You Did That on Purpose!
Misinterpretations and Anger after Brain Injury
By Dawn Neumann, Ph.D., FACRM
Imagine that you are waiting in line at the store and someone cuts in front of you.
A) Do you think the person cut in front of you on purpose or was trying to be mean?
B) Or do you think maybe he or she did not see you and it was an innocent mistake or there was some kind of emergency?
How you interpret this situation will affect how angry you will feel and how you will react to the situation. If you chose option A, it is likely you will be more irritated and angry than if you chose option B.
Irritability and anger are common side effects of traumatic brain injury (TBI). How we interpret others’ actions can lead us to feel irritated and angry toward those involved. Recent research suggests that one reason irritation and anger are more severe and common after TBI may be due to misinterpreting others’ harmless actions.
It is not always so obvious why people behave the way they do. So, it is normal to try to figure out the reasons behind others’ actions: What do they really want? Why did they do what they did? If we think someone did something to us on purpose, of course, we are going to get mad, and possibly even react. But for the most part, people without a brain injury
usually give others’ the benefit of the doubt and assume that others’ actions are not intentionally mean. For example, many people will assume the person who cut in front of you on line did not see you and it was an innocent mistake. As a result, it does not irritate or anger them that much. In contrast, it appears that more people with a brain injury assume others’ actions are intentionally mean. More people with a brain injury are likely to choose option A and feel more irritated or angrier.
What is the potential impact of this type of thinking?
- Socially inappropriate and/or violent behaviors towards others. Someone who thinks this way and gets angry is more likely to respond aggressively (yelling, pushing), especially after a brain injury when it is hard to stop the impulsive desire to do something about it. This behavior would not sit well with others.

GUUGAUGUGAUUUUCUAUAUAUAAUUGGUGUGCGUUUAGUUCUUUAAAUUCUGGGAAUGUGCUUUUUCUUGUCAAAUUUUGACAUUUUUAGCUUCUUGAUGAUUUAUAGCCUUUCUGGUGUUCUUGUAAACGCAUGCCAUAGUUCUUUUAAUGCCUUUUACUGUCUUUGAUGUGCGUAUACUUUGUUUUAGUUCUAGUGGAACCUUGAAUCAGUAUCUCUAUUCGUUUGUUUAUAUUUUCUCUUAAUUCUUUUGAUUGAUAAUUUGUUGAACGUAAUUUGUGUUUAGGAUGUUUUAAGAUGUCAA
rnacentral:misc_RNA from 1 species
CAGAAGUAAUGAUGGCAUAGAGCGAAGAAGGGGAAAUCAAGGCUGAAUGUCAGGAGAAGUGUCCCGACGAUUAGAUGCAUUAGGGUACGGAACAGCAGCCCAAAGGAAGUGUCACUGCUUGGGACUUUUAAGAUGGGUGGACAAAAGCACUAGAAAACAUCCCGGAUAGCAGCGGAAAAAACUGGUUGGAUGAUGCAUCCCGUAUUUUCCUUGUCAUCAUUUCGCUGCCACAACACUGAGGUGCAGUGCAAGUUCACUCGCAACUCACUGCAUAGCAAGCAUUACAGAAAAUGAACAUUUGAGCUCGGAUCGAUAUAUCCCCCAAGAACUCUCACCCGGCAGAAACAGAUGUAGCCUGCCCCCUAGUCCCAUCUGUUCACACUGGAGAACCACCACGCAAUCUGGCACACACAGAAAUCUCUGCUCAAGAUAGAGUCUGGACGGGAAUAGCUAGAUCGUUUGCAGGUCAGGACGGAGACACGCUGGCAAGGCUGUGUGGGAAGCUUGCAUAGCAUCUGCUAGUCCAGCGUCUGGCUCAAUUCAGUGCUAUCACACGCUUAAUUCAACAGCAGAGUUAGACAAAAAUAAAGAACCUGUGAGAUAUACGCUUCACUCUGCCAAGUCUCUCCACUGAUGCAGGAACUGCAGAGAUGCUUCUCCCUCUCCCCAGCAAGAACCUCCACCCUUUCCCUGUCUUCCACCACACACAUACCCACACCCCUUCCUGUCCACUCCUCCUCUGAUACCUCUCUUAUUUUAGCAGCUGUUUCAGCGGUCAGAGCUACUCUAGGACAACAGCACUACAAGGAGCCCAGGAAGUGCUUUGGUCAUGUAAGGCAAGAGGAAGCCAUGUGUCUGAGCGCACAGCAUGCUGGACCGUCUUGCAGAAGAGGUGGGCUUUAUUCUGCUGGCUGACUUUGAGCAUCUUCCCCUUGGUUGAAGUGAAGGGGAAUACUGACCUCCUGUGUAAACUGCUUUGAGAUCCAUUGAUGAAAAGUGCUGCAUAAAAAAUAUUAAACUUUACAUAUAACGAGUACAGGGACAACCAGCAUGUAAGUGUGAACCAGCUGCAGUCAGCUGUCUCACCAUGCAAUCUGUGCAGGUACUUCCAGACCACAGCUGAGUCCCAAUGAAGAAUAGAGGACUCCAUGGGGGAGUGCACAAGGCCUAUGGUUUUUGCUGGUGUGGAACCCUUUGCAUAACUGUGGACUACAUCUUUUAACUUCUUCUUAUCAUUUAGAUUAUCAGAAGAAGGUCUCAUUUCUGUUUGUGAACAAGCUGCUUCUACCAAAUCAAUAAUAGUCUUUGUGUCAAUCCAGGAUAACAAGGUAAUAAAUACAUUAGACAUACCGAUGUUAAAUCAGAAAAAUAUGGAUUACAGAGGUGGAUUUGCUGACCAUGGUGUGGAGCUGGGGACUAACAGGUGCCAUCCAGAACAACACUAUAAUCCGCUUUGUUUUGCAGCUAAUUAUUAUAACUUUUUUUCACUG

- Legal troubles, criminal charges, and/or incarceration. This type of thinking could lead to violent and illegal behaviors.
- Strained relationships and stress among family and friends. Because family members do not see the
situation the way you do (They see Option B versus A), angry and aggressive responses to innocent situations are often unexpected, embarrassing, stressful, and scary. Family members and friends often say it is like having to walk on
eggshells around the person with the brain injury.
- Social isolation. Strained and stressed relationships can often push family and friends away.
- Decreased community participation. Because anger and aggression are not usually accepted or socially appropriate, people with these challenges may have a hard time being an active member of their community. This can also affect your work-related goals. Misinterpretations of your boss’s actions or that of your co-workers or a customer are going to make it a lot harder for you to get a job or keep a job.
Why are People with a Brain Injury More Likely to Think this Way?
First, it is important to note that not everyone with a brain injury thinks this way. People with higher level thinking difficulties, problems interpreting social cues, and those with anxiety are more prone than others to assume others’ actions are intentional or mean. Because these are common problems after brain injury, it makes them more likely to misinterpret others’ behaviors.
- Give people the benefit of the doubt. Most likely you do not have enough information to know for sure why someone did something. This means you cannot assume your interpretation is true. Remember that most of the time people are probably not even aware of how their actions affected you or they did not intend to cause you harm or lead to an unpleasant outcome for you.
- Think about alternatives. Come up with a few innocent reasons to explain the other person’s behavior.
- Perspective taking. Try to think of the situation from the other person’s perspective. If you were in their shoes, what might have prompted you to do what they did? Try to empathize with their situation. If it is hard to imagine, role play and pretend you are the other person.
- Don’t jump to conclusions. If you are not sure why someone did something, consider asking them why (in a nice way) instead of making assumptions.
- Consider counseling. Psychologists and Neuropsychologists specialize in helping you see and think about things differently.
Dawn Neumann, Ph.D., FACRM
Associate Professor and Research Director PM&R, Indiana University School of Medicine and Rehabilitation Hospital of Indiana Director, IU InterFACE Center at RHI (A Human Observation Lab)